Padres 5, Dodgers 4 (12). San Diego's Greg Harris would eventually have a decent eight-year career spread across three teams. LA's Mike Morgan had played for five teams in his first eight seasons; at this point, he was in year 11 and on team 6, and was still just warming up.
The game got off to a quick start in the first, as Darryl Strawberry homered with two outs in the top of the inning to put the Dodgers in front. San Diego rallied quickly, however. Tony Fernandez and Tony Gwynn singled with one out, putting runners at the corners; Gwynn then stole second, and Fred McGriff doubled to score them both. The Padres' newfound lead proved just as short-lived as LA's had, as Kal Daniels led off the second with a double and scored one out later on Alfredo Griffin's single to tie the game.
Things settled down at least a little bit from there. Morgan was perfect in the home second. Juan Samuel led off the top of the third with a double and moved to third on a one-out fly ball; Daniels then walked before Harris recovered to leave the runners at the corners. The Padres put together three hits in the home third, but Thomas Howard was caught stealing before Fernandez doubled and Gwynn singled. They still had runners at the corners until McGriff lined into a double play to end the threat.
LA pulled ahead in the top of the fourth when Gary Carter doubled, moved to third on a groundout, and scored on Morgan's sacrifice fly. San Diego threatened in the bottom of the inning when Jerald Clark led off with a double; he moved to third on a flyout but was left there. Harris was perfect in the fifth, however, and in the bottom of the inning, Howard reached second on a Daniels error, moved to third on a Fernandez groundout, and scored on a Gwynn single to tie the game at 3.
The Dodgers picked up a walk and two singles in the sixth, but Daniels was erased on a double play before Carter and Griffin's hits. Morgan worked around a Tim Teufel walk in the bottom of the inning. Harris was lifted after Samuel singled with one out in the seventh; Rich Rodriguez promptly walked Strawberry and Eddie Murray to load the bases, but struck out Daniels for the second out. Mike Maddux then relieved and coaxed a groundout from Stan Javier to strand all three runners.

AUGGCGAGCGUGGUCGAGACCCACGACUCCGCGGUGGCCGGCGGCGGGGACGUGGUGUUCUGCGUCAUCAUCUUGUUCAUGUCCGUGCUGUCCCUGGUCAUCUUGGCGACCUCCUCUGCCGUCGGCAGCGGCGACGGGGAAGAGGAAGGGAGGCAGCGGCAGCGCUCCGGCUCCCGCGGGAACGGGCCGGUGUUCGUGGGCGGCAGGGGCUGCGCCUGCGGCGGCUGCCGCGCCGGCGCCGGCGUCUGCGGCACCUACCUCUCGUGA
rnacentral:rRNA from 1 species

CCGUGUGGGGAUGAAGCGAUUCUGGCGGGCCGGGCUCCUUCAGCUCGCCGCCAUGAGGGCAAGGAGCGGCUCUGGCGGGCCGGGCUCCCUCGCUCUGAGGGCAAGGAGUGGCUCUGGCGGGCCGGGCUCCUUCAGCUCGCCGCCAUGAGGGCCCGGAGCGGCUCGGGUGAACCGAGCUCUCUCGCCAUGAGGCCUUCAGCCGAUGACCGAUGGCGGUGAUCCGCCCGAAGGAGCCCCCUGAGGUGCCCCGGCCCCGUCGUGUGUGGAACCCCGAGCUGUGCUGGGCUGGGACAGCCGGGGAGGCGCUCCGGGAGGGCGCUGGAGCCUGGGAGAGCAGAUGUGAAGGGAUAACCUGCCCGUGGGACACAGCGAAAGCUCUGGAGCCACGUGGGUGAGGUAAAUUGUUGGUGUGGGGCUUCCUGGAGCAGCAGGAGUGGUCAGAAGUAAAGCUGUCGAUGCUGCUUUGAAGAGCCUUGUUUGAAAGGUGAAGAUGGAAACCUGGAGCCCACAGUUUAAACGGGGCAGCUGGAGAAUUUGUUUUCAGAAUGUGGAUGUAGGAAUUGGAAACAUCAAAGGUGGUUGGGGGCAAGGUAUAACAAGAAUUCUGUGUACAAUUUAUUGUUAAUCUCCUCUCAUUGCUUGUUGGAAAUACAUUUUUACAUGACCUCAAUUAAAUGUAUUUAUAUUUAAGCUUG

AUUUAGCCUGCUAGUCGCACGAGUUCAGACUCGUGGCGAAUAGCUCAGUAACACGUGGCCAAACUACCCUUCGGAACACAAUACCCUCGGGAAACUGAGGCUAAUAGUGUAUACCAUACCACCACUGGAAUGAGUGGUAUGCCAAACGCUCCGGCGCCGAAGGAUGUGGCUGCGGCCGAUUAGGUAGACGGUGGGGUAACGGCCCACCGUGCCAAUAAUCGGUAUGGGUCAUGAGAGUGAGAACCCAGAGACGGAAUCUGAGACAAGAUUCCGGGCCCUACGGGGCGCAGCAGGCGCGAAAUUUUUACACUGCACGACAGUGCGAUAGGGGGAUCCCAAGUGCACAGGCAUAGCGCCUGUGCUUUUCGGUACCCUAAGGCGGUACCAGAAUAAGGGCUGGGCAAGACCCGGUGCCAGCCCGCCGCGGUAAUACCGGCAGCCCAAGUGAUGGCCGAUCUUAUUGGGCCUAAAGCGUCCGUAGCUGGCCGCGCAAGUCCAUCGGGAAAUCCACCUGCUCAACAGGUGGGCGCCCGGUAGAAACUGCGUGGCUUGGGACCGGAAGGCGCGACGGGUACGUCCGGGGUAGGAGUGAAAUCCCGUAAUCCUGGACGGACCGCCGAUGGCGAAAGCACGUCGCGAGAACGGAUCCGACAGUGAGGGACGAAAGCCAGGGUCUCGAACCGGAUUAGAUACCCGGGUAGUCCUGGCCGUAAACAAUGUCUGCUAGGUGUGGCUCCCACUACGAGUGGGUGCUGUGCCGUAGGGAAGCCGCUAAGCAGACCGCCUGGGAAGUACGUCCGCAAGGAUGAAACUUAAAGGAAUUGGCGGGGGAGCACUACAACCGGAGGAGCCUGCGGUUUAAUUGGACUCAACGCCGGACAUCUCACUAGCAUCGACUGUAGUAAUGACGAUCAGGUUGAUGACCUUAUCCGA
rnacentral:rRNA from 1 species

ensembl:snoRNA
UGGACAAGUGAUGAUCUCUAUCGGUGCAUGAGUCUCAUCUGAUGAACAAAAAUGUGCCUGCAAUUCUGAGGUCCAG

With one out in the bottom of the seventh, the top of the Padre batting order struck again. Howard walked, Fernandez singled him to third, and Gwynn greeted Dennis Cook with a flyout that brought Howard home with the go-ahead run. Larry Andersen relieved in the eighth, and Carter led off with a single; Griffin bunted him to second, and Mitch Webster's pinch flyout moved him to third. Brett Butler then singled to tie the game at 4.
Tim Crews worked a 1-2-3 bottom of the eighth, and Andersen was flawless in the ninth. The bottom of the ninth saw Howard single with two outs, but Kevin Gross worked around it, sending the game to extras.
Adam Peterson relieved to open the tenth; two walks later, Craig Lefferts was rushed to the mound in his place. Griffin bunted the runners to second and third; Lefferts then plunked pinch hitter Carlos Hernandez, loading the bases, and Butler lined into a double play to end the inning. San Diego threatened against Mike Hartley in the bottom of the inning as Gwynn led off with a single and stole second. McGriff was intentionally walked, and Hartley retired the next three hitters, eventually leaving the winning run at third. The eleventh was much calmer, as Lefferts worked around a walk to Murray and Hartley hit Scott Coolbaugh with a pitch but left him on.
Jose Melendez relieved in the top of the twelfth and gave up a two-out double to Griffin, but stranded him at second. Jim Gott took over in the home half and fared much worse. McGriff and Clark both singled with one out, putting runners at the corners. Benito Santiago was intentionally walked to load the bases, bringing Paul Faries to the plate - and Faries laid down a successful game-ending squeeze bunt.
This game saw two players, one on each team, go 4-for-5. San Diego's 4-hit man was no surprise; Tony Gwynn was halfway through winning the eight batting titles he would eventually claim. The Dodger representative in the duo was a bit more unexpected. Like Gwynn, Gary Carter had been a fine player in the '80s, but by 1991 he was a 37-year-old catcher, a category that typically includes very few productive players. Indeed, Carter was only one year away from the end of his Hall of Fame career, and would hit below .250 in both of his remaining seasons. But he still had just enough left in the tank for one last four-hit game.
Which is a nice cherry on top of this delicious 12-inning sundae.